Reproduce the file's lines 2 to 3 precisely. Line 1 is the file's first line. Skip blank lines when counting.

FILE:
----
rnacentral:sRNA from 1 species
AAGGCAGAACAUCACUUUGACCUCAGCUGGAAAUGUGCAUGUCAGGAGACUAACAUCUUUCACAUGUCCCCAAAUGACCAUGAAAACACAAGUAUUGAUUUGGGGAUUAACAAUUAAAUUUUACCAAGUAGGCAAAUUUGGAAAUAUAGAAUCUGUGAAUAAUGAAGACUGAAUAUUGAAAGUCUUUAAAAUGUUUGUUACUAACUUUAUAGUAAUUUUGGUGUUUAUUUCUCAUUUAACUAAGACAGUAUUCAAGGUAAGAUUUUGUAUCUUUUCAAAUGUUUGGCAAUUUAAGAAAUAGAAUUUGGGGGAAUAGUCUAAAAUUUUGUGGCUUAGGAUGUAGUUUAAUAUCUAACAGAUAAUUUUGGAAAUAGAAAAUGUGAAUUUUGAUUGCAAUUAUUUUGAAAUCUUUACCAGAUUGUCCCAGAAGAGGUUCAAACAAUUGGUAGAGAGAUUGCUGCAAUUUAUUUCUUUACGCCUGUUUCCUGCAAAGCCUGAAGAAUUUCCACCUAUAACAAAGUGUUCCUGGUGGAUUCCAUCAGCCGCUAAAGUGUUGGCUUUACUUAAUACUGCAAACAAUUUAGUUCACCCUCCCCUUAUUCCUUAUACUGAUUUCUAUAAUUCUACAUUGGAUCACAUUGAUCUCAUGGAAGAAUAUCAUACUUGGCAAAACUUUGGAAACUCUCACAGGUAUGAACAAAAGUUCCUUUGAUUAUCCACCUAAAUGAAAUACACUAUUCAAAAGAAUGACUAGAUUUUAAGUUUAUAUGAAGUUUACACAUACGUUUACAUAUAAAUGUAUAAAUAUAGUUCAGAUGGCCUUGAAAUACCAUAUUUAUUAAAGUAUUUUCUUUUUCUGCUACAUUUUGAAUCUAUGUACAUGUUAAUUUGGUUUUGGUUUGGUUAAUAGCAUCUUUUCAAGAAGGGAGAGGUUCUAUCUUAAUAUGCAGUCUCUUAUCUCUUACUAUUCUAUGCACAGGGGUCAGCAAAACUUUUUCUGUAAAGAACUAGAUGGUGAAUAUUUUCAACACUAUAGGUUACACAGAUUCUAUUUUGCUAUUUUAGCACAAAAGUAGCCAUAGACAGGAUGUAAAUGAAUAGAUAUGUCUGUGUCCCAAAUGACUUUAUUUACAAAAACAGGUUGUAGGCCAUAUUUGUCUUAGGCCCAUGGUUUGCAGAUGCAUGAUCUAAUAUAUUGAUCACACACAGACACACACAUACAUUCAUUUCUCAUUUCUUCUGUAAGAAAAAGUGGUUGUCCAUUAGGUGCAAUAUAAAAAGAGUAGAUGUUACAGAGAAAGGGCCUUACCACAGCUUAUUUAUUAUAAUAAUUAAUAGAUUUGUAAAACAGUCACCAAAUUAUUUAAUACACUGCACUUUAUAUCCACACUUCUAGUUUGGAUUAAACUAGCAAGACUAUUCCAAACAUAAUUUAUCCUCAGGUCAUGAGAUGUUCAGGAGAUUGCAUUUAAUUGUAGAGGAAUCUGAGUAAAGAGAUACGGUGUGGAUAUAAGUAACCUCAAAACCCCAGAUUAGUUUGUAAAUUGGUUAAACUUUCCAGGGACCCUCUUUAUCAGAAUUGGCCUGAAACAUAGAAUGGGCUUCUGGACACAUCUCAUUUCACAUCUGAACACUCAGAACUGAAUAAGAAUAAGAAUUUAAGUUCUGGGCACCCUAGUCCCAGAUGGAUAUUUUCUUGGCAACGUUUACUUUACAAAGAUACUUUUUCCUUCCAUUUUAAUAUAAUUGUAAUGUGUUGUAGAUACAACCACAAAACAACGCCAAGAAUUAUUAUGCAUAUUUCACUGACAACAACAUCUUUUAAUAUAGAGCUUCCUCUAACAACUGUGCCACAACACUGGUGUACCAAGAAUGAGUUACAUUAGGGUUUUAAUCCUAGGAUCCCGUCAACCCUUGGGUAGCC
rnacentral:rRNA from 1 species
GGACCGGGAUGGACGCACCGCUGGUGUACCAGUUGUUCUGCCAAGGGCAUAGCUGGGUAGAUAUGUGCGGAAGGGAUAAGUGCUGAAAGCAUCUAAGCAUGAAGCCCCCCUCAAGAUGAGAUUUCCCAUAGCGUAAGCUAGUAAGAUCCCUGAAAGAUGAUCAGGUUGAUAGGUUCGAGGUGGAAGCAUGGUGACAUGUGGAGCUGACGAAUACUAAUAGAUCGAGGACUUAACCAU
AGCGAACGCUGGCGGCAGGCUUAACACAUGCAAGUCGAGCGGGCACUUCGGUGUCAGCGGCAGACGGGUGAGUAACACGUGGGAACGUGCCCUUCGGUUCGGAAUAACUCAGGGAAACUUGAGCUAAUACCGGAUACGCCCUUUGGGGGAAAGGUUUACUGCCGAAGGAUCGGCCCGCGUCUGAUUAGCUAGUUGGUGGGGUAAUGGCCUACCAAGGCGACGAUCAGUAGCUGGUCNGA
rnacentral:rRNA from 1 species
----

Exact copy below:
AAGGCAGAACAUCACUUUGACCUCAGCUGGAAAUGUGCAUGUCAGGAGACUAACAUCUUUCACAUGUCCCCAAAUGACCAUGAAAACACAAGUAUUGAUUUGGGGAUUAACAAUUAAAUUUUACCAAGUAGGCAAAUUUGGAAAUAUAGAAUCUGUGAAUAAUGAAGACUGAAUAUUGAAAGUCUUUAAAAUGUUUGUUACUAACUUUAUAGUAAUUUUGGUGUUUAUUUCUCAUUUAACUAAGACAGUAUUCAAGGUAAGAUUUUGUAUCUUUUCAAAUGUUUGGCAAUUUAAGAAAUAGAAUUUGGGGGAAUAGUCUAAAAUUUUGUGGCUUAGGAUGUAGUUUAAUAUCUAACAGAUAAUUUUGGAAAUAGAAAAUGUGAAUUUUGAUUGCAAUUAUUUUGAAAUCUUUACCAGAUUGUCCCAGAAGAGGUUCAAACAAUUGGUAGAGAGAUUGCUGCAAUUUAUUUCUUUACGCCUGUUUCCUGCAAAGCCUGAAGAAUUUCCACCUAUAACAAAGUGUUCCUGGUGGAUUCCAUCAGCCGCUAAAGUGUUGGCUUUACUUAAUACUGCAAACAAUUUAGUUCACCCUCCCCUUAUUCCUUAUACUGAUUUCUAUAAUUCUACAUUGGAUCACAUUGAUCUCAUGGAAGAAUAUCAUACUUGGCAAAACUUUGGAAACUCUCACAGGUAUGAACAAAAGUUCCUUUGAUUAUCCACCUAAAUGAAAUACACUAUUCAAAAGAAUGACUAGAUUUUAAGUUUAUAUGAAGUUUACACAUACGUUUACAUAUAAAUGUAUAAAUAUAGUUCAGAUGGCCUUGAAAUACCAUAUUUAUUAAAGUAUUUUCUUUUUCUGCUACAUUUUGAAUCUAUGUACAUGUUAAUUUGGUUUUGGUUUGGUUAAUAGCAUCUUUUCAAGAAGGGAGAGGUUCUAUCUUAAUAUGCAGUCUCUUAUCUCUUACUAUUCUAUGCACAGGGGUCAGCAAAACUUUUUCUGUAAAGAACUAGAUGGUGAAUAUUUUCAACACUAUAGGUUACACAGAUUCUAUUUUGCUAUUUUAGCACAAAAGUAGCCAUAGACAGGAUGUAAAUGAAUAGAUAUGUCUGUGUCCCAAAUGACUUUAUUUACAAAAACAGGUUGUAGGCCAUAUUUGUCUUAGGCCCAUGGUUUGCAGAUGCAUGAUCUAAUAUAUUGAUCACACACAGACACACACAUACAUUCAUUUCUCAUUUCUUCUGUAAGAAAAAGUGGUUGUCCAUUAGGUGCAAUAUAAAAAGAGUAGAUGUUACAGAGAAAGGGCCUUACCACAGCUUAUUUAUUAUAAUAAUUAAUAGAUUUGUAAAACAGUCACCAAAUUAUUUAAUACACUGCACUUUAUAUCCACACUUCUAGUUUGGAUUAAACUAGCAAGACUAUUCCAAACAUAAUUUAUCCUCAGGUCAUGAGAUGUUCAGGAGAUUGCAUUUAAUUGUAGAGGAAUCUGAGUAAAGAGAUACGGUGUGGAUAUAAGUAACCUCAAAACCCCAGAUUAGUUUGUAAAUUGGUUAAACUUUCCAGGGACCCUCUUUAUCAGAAUUGGCCUGAAACAUAGAAUGGGCUUCUGGACACAUCUCAUUUCACAUCUGAACACUCAGAACUGAAUAAGAAUAAGAAUUUAAGUUCUGGGCACCCUAGUCCCAGAUGGAUAUUUUCUUGGCAACGUUUACUUUACAAAGAUACUUUUUCCUUCCAUUUUAAUAUAAUUGUAAUGUGUUGUAGAUACAACCACAAAACAACGCCAAGAAUUAUUAUGCAUAUUUCACUGACAACAACAUCUUUUAAUAUAGAGCUUCCUCUAACAACUGUGCCACAACACUGGUGUACCAAGAAUGAGUUACAUUAGGGUUUUAAUCCUAGGAUCCCGUCAACCCUUGGGUAGCC
rnacentral:rRNA from 1 species